But in 1974, upon the excavation and refurbishment of the Elizabethan funerary shrine at Canterbury Cathedral, a curious transaction took place – one which would bring a bit of Canterbury to New York. In exchange for a rather large donation, the Rev’d John G. B. Andrew managed to obtain a piece of the very stone upon which Becket was martyred. On December 29th, it was dedicated and placed in the chancel floor at St. Thomas Church, 5th Avenue.

In questioning Comey this week, Senator Angus King (I-ME) very pointed asked about President Donald Trump’s efforts to silence the F.B.I.’s investigation of Mike Flynn and general attempts to extract “loyalty” from the former F.B.I. Chief.

King: “Do you take that as a directive?”
Comey: “Yes, yes. It rings in my ears as kind of ‘Will no one rid me of this meddlesome priest?’ ”
King: “I was just going to quote that.”

There’s little question as to the import of Comey’s testimony we all saw on Thursday. The only irony is that a piece of Becket’s martyrdom sits only three blocks from Trump Tower.

Bassani’s Quinceañera

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On West 121st Street, just behind Columbia’s main campus, stereo beats from of a Friday night party are floating up from the parish hall at Corpus Christi Church. While generally neither problematic or untypcial for a weekend in an Upper Manhattan, a large stereo and the screams of 150 teenagers can make a continuo rehearsal a bit more of a challenge.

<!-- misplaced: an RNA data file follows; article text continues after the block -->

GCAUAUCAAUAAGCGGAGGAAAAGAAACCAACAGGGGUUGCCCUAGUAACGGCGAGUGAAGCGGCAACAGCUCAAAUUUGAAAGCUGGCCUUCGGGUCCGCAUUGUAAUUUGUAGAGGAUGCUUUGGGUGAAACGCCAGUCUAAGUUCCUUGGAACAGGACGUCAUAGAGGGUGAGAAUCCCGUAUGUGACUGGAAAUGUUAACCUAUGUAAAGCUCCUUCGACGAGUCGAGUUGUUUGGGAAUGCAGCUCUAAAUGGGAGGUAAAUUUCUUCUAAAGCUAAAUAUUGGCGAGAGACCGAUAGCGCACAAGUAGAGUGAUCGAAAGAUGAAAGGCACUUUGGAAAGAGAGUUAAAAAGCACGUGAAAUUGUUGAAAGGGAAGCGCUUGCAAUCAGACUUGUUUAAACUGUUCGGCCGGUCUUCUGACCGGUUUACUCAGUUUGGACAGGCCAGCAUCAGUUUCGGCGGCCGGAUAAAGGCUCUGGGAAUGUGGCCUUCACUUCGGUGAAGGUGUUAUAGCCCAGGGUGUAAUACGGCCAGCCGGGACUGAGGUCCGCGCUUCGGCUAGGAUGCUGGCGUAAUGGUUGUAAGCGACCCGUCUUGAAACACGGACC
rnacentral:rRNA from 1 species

In baroque ensemble music, the harpsichord, along with a couple of theorbos and a viola da gamba are, for lack of a better term, the rhythm section for a group. They establish the harmony and provide a rhythmic impetus, working from bass part upwards (not too different from an electric bass and drum set in a garage band). Harpsichords and theorbos can pack a punch to make themselves more forceful: they can add lower notes, build more notes on top in between beats and physically create more sound to increase intensity. And yet, in rehearsing Giovanni Battista’s Giona, they’ve proven to be no match for a well-equipped stereo. Within a few hours, as Jonah is inside the whale’s belly, the continuo section was being swallowed by the quinceañera downstairs.

Chi mi sveglia? Dove sono? Son in mar? E che farò?   (Who wakes me up? Where am I? Am I at sea? And what am I doing?)

Where am I, indeed? I’m on the Upper West Side.

Reading Flaubert in Prague

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Prague is nuts. The old city is one of a thousand spires, sure, but also a city of a thousand hen partires and stag dos. The outlandish and garish ornamentation of the baroque churches and classical buildings is ironically matched by the alcoholic behavior of several dozen British and German grooms-to-be, staggering with their groupies from restaurant to bar, strip club to sex shop, gafawing at the resilience of their livers. It’s perhaps the trashiest, most beautiful tourist trap I’ve ever seen.